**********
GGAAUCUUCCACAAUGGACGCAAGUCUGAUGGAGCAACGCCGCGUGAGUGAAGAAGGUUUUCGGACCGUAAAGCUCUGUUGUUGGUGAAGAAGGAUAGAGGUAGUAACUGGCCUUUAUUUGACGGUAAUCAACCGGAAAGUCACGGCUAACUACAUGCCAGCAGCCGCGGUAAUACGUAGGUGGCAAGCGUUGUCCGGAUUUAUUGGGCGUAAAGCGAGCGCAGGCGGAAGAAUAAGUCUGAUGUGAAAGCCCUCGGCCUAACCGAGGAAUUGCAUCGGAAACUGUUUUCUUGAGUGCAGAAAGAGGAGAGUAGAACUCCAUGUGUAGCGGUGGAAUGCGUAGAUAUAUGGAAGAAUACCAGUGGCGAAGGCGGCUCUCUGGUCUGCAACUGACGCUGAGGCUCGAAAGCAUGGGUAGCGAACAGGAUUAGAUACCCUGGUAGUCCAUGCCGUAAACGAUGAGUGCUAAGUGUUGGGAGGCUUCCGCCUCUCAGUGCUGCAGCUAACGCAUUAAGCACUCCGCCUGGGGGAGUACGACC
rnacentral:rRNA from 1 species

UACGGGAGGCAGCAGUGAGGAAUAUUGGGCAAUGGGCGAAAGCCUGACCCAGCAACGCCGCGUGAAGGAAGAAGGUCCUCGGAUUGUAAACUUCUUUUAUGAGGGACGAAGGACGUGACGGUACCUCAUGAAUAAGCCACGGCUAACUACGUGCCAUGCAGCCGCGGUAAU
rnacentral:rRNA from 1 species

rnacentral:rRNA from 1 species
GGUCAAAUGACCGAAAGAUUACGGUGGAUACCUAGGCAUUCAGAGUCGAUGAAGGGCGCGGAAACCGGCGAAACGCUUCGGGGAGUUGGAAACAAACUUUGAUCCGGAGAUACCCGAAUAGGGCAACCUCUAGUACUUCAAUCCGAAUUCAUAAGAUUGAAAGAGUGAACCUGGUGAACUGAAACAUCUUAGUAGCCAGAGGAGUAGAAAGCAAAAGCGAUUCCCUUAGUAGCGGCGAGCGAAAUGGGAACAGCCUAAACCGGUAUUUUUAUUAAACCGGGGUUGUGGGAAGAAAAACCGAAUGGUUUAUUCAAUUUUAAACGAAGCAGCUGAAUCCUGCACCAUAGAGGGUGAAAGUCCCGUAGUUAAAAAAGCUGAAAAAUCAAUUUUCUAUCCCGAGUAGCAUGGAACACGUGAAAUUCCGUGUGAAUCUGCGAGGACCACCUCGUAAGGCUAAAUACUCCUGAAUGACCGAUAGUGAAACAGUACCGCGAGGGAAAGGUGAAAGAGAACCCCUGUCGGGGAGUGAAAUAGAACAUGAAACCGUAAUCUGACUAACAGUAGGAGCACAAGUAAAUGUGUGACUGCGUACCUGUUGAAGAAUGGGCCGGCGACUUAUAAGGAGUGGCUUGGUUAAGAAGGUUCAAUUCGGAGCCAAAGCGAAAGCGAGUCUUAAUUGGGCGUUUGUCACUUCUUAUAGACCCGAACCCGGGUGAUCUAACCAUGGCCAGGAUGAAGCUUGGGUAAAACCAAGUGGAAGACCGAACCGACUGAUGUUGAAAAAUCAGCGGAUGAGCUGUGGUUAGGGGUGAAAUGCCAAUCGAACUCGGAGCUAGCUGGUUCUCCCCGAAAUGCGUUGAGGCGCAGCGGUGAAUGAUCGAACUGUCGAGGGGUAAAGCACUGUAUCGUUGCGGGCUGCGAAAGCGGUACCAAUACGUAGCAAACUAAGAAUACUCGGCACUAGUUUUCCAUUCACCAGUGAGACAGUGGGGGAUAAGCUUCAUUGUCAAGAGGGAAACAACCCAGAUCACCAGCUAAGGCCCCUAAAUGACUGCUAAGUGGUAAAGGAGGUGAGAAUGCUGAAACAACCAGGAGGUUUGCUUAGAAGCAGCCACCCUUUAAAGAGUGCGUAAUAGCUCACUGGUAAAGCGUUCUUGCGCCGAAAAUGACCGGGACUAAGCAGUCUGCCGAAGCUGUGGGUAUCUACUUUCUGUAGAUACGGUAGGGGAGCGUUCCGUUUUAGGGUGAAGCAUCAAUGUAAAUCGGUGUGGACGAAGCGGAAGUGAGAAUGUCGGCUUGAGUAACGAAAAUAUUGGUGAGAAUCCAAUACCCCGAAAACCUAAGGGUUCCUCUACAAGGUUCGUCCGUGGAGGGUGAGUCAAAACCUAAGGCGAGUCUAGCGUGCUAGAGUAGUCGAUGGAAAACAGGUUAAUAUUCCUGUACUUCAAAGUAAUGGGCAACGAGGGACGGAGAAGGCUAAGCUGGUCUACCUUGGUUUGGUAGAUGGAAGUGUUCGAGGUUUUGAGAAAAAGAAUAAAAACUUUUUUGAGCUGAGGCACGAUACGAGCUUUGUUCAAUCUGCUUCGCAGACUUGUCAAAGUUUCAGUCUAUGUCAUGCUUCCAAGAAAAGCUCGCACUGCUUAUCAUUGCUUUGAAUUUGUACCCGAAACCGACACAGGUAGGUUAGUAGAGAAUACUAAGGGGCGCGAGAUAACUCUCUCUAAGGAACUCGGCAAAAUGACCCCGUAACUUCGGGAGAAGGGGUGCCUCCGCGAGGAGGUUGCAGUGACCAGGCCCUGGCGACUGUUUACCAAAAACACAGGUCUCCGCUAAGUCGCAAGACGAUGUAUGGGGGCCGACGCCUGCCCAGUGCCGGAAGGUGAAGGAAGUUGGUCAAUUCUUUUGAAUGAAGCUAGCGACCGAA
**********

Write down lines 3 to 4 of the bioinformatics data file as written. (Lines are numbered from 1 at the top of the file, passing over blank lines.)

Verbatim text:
UACGGGAGGCAGCAGUGAGGAAUAUUGGGCAAUGGGCGAAAGCCUGACCCAGCAACGCCGCGUGAAGGAAGAAGGUCCUCGGAUUGUAAACUUCUUUUAUGAGGGACGAAGGACGUGACGGUACCUCAUGAAUAAGCCACGGCUAACUACGUGCCAUGCAGCCGCGGUAAU
rnacentral:rRNA from 1 species